It's well-documented that Sprint and Softbank are trying vigorously to acquire T-Mobile, as its no-contract plans and "un-carrier 4.0" initiative to attract the competition's subscribers have given the company a recent boost in subs.

Also, T-Mobile earns an industry-low $52 in average revenue per subscriber, which is one reason AT&T tried so hard to acquire it a couple years back. Sprint earns $63 per post-paid subscriber, which is high, and has very little room for growth.

While we can clearly see why Sprint would want to acquire T-Mobile -- T-Mobile's download speeds are also double that of Sprint -- the bigger question is whether regulators like the FCC will ever allow it. The FCC already shot down AT&T's attempted acquisition of T-Mobile, citing that it would hurt the free market. A Sprint and T-Mobile merger would combine the third- and fourth-largest nationwide carriers, but in addition, it would put two valuable spectrums and networks in the hands of a foreign company. A T-Mobile acquisition is a long shot, but important for Sprint's days of stock gains to continue.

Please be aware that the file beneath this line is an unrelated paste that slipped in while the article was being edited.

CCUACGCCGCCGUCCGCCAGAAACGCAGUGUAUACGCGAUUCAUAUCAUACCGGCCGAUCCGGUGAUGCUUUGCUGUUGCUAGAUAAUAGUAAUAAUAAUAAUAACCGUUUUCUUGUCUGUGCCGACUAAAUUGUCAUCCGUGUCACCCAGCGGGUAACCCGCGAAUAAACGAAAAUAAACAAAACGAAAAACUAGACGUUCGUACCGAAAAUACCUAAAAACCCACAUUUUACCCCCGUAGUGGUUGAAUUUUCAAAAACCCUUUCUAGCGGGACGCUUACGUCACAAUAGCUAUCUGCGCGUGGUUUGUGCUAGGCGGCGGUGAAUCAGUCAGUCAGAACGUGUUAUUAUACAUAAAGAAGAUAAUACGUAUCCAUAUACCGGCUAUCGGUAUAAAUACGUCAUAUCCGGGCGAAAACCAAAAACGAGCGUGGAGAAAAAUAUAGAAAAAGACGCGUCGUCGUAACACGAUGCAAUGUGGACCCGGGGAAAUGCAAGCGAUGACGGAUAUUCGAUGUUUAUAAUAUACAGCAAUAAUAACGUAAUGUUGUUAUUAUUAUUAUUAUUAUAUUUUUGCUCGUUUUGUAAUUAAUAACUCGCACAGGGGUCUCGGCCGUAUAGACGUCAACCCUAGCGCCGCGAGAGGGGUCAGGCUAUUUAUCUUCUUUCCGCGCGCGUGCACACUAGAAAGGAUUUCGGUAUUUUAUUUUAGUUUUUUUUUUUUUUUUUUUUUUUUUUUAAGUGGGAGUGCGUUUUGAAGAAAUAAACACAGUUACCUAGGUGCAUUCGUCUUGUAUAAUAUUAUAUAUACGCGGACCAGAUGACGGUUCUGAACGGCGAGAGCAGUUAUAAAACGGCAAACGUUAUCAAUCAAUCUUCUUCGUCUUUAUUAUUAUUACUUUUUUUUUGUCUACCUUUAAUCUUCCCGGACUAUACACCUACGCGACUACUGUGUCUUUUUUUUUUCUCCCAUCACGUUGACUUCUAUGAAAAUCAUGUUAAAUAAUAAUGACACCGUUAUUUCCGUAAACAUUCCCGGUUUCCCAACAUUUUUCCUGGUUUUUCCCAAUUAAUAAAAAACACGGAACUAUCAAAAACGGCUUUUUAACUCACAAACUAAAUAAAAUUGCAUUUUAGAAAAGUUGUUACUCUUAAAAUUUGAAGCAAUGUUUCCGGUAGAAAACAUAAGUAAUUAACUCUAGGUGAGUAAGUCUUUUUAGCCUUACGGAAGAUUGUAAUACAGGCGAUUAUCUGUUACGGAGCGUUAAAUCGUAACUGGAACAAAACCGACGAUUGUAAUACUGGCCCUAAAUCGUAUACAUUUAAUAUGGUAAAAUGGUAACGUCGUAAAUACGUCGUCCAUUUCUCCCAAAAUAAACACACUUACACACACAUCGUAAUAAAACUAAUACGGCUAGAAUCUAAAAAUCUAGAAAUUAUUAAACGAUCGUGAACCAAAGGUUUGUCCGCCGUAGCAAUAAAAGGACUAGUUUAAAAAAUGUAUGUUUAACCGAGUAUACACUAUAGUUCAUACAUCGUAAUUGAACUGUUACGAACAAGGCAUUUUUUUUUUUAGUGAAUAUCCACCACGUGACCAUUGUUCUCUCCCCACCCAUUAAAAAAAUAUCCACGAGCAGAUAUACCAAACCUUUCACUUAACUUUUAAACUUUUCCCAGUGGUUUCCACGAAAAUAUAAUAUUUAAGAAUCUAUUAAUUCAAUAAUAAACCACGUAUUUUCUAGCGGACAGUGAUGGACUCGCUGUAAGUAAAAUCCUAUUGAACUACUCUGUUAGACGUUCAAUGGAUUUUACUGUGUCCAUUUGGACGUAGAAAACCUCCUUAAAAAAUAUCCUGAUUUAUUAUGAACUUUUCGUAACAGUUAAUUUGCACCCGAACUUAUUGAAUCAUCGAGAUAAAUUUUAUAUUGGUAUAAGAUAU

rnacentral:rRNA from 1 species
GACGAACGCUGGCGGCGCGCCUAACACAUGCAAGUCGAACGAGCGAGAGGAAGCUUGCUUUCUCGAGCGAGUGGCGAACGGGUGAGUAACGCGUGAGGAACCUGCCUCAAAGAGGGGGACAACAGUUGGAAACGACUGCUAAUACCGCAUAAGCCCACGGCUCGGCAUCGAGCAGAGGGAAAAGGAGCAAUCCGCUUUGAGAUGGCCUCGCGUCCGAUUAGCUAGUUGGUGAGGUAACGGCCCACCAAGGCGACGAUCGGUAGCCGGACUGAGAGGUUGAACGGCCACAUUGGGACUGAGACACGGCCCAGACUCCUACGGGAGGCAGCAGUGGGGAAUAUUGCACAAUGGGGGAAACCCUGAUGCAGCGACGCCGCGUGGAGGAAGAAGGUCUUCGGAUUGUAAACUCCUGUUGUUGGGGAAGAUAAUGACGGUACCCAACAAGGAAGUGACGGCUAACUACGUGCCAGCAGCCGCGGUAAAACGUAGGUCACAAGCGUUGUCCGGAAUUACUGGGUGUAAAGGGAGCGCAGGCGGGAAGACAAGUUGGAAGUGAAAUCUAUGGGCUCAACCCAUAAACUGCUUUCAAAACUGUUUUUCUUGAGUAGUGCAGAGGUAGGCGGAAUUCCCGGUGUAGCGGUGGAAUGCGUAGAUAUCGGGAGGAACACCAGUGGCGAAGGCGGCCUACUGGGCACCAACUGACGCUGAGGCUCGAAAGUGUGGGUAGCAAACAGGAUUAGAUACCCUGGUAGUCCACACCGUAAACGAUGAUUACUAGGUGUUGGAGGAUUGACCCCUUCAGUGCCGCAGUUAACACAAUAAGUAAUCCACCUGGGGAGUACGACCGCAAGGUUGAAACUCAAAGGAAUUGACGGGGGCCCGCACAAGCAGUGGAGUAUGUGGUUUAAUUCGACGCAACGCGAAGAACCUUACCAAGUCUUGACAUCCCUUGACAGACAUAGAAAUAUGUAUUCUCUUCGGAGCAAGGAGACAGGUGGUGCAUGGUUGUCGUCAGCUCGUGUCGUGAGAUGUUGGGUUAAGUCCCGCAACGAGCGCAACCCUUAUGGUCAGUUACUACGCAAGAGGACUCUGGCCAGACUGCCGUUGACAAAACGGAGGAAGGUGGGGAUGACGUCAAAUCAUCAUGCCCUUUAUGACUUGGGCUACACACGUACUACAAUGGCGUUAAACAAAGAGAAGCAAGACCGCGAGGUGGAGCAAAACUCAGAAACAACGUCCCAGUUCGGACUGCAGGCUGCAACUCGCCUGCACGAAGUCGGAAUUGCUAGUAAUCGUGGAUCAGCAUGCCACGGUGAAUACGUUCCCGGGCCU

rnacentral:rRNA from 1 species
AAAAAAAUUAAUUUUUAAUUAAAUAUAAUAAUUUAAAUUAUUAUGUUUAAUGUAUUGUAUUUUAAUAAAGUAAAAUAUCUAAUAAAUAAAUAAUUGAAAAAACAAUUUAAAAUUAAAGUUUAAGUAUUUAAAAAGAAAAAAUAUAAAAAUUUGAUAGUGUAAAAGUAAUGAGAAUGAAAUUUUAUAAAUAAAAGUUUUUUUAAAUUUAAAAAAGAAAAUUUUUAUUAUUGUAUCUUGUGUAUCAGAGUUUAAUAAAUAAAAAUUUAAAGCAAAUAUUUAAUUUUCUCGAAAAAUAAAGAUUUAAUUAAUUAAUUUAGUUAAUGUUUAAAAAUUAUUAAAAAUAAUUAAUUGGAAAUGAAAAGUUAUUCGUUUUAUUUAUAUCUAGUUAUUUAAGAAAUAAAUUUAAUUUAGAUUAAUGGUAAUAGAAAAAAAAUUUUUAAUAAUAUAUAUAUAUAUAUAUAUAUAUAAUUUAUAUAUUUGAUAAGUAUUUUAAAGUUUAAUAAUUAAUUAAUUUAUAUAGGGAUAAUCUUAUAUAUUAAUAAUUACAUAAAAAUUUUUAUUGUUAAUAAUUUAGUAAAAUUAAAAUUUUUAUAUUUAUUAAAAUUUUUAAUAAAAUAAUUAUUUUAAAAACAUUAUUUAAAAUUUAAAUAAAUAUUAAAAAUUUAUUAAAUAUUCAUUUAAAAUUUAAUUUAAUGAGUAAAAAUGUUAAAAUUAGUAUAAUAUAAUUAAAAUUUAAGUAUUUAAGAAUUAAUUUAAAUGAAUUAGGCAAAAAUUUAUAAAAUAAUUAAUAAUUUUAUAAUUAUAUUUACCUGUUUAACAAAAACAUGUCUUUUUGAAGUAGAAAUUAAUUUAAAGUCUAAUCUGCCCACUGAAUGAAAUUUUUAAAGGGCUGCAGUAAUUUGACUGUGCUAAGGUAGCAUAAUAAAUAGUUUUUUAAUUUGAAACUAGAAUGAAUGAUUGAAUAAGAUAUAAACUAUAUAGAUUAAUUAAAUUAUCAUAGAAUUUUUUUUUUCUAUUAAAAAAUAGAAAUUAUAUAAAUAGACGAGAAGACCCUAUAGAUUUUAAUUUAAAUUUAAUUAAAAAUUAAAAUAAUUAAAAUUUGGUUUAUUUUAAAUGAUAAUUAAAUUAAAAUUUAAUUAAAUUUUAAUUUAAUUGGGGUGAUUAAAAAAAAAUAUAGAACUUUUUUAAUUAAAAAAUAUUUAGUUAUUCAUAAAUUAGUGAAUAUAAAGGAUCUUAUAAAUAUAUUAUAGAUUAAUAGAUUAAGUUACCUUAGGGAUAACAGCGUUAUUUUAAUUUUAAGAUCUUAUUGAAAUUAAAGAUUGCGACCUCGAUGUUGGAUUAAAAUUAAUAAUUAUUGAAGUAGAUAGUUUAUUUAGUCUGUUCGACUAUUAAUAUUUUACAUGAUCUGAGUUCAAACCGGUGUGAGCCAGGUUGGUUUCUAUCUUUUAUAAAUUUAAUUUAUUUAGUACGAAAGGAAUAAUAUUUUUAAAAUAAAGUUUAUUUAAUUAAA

Final thoughts
In spite of Sprint's large gains, the company still operates with more than $30 billion in debt, and a near breakeven operating margin of 0.26%. T-Mobile would improve the fundamentals of Sprint, as a company with positive operating margins of 4.7% and double-digit revenue growth.

The problem is that Sprint is unlikely to acquire T-Mobile, and given large losses within the telecom space, there are far better investment options. AT&T trades at just 1.3 times sales and 12 times next year's earnings with a dividend yield of 5.6%. In contrast, Sprint trades at one times sales, with no dividend. The slight premium for well-established peers -- and the problems that Sprint faces -- provides reason to be wary.

Simply put: Sprint has lost its edge, and it's unknown if the T-Mobile catalyst can become a reality.

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Read/Post Comments (4) | Recommend This Article (2)

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  • Report this Comment On March 24, 2014, at 1:34 PM, cloud4g wrote:

    The title is misleading/misplaced: What edge is Sprint supposed to have held previously?